Acknowledgments
The present research was financially supported by the Italian Ministry of Education, University, and Research (Futuro in Ricerca 2012, Grant RBFR12F0BD to GG) and the University of Padova (Bando Giovani Ricercatori 2015 “Assegno Senior,” grant n° GRIC15QDDH to MD).We are very grateful to Ralf Engbert for his valuable suggestions on data analysis and to Michela Veronesi for her assistance during data collection. Part of these data has been presented at the OSA Fall Vision Meeting 2016. 
Commercial relationships: none. 
Corresponding author: Mario Dalmaso. 
Address: Department of Developmental and Social Psychology, University of Padova, Padova, Italy. 
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Footnotes
1  Because microsaccadic amplitude is debated (see Collewijn & Kowler, 2008; Nyström et al., 2016; Poletti & Rucci, 2016; Rolfs, 2009), the same analyses were also conducted by considering microsaccades with a maximum amplitude of 0.5° (see Poletti & Rucci, 2016). Similar results emerged. Microsaccadic amplitude and peak velocity were positively correlated, r(4209) = 0.464, p < 0.001, BF > 150. As for the microsaccadic rate, the only significant comparison between low- and high-load conditions emerged in the 200–400 ms time window (Mlow = 1.4 Hz, SE = 0.15, Mhigh = 0.99 Hz, SE = 0.11, t(22) = 2.6, p = 0.016, d = 0.5, BF10 = 3.3, two-tailed), while the other two comparisons were both nonsignificant (ts < 1, ps > 0.3, BF10s < 1, two-tailed). Microsaccadic amplitude was analysed as well. Indeed, since there is evidence that microsaccadic amplitudes increase with task difficulty (see Siegenthaler et al., 2014), the same pattern of results could be also expected in a working memory load task. The analyses supported this scenario. Mean microsaccadic amplitude was calculated within the three time windows employed for the microsaccadic rate analyses. Overall, microsaccadic amplitude was smaller in the low-load condition than in the high-load condition, both in the 200–400 ms time window (Mlow = 0.208°, SE = 0.012, Mhigh =0.3°, SE = 0.025, t(22) = 4.89, p < 0.001 , d > 1, BF10 > 150, two-tailed), and in the other two time windows (ts > 3.1, ps < 0.005, BF10s > 9, two-tailed). Similar results emerged also considering microsaccades with a maximum amplitude of 0.5°, both in the 200–400 ms time window (Mlow = 0.196°, SE = 0.009, Mhigh = 0.252°, SE = 0.014, t(22) = 5.12, p < 0.001 , d > 1, BF10 > 150, two-tailed) and in the other two time windows (ts > 2.45, ps < 0.023, BF10s > 2.5, two-tailed).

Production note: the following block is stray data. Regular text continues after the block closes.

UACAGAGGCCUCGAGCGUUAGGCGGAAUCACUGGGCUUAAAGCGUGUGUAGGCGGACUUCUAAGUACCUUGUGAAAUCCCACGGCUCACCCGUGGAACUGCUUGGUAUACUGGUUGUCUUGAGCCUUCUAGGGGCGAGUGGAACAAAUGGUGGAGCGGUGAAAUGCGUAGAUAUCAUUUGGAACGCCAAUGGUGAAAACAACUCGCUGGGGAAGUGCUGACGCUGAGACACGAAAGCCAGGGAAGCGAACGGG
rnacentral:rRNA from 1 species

Footnotes
2  As in Experiment 1, the same analyses were also performed by considering microsaccades with a maximum amplitude of 0.5°. Similar results emerged. Microsaccadic amplitude and peak velocity were positively correlated, r(3736) = 0.546, p < 0.001, BF > 150. As for the microsaccadic rate, the only significant comparison between low- and high-load conditions emerged in the 200-400 ms time window (Mlow = 1.4 Hz, SE = 0.16, Mhigh = 1.01 Hz, SE = 0.1, t(19) = 3.69, p = 0.002, d = 1, BF = 25, two-tailed), while the other two comparisons were both nonsignificant (ts < 1.5, ps > 0.2, BF10s < 1, two-tailed). As in Experiment 1, microsaccadic amplitudes were also analysed. Microsaccadic amplitudes were smaller in the low-load condition than in the high-load condition, both in the 200–400 ms time window (Mlow = 0.247°, SE = 0.018, Mhigh = 0.355°, SE = 0.022, t(19) = 6.09, p < 0.001 , d > 1, BF10 > 150, two-tailed) and in the other two time windows (ts > 2.9, ps < 0.01, BF10s > 5, two-tailed). Similar results emerged also considering microsaccades with a maximum amplitude of 0.5°, both in the 200–400 ms time window (Mlow = 0.23°, SE = 0.015, Mhigh = 0.293°, SE = 0.016, t(19) = 4.71, p < 0.001 , d > 1, BF10 > 150, two-tailed) and in the other two time windows (ts > 3.01, ps < 0.007, BF10s > 6.8, two-tailed).
Figure 1